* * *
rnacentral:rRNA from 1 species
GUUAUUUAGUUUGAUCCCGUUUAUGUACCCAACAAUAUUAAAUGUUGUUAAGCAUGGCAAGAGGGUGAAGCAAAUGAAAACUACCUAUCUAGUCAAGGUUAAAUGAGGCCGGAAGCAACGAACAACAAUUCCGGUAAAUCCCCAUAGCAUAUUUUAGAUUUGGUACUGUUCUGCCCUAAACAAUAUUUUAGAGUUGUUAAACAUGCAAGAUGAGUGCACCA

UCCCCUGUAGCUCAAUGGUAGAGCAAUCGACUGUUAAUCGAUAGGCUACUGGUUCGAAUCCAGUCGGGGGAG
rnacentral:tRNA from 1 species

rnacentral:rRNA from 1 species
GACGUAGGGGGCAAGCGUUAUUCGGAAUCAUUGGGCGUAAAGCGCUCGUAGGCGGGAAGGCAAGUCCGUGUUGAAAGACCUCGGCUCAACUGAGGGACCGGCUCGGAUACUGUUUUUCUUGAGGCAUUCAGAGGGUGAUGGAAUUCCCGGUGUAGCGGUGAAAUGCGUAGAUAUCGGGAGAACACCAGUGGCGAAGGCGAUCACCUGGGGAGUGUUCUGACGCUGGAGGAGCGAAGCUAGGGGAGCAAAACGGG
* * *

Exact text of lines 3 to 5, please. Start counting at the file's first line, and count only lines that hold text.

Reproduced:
UCCCCUGUAGCUCAAUGGUAGAGCAAUCGACUGUUAAUCGAUAGGCUACUGGUUCGAAUCCAGUCGGGGGAG
rnacentral:tRNA from 1 species

rnacentral:rRNA from 1 species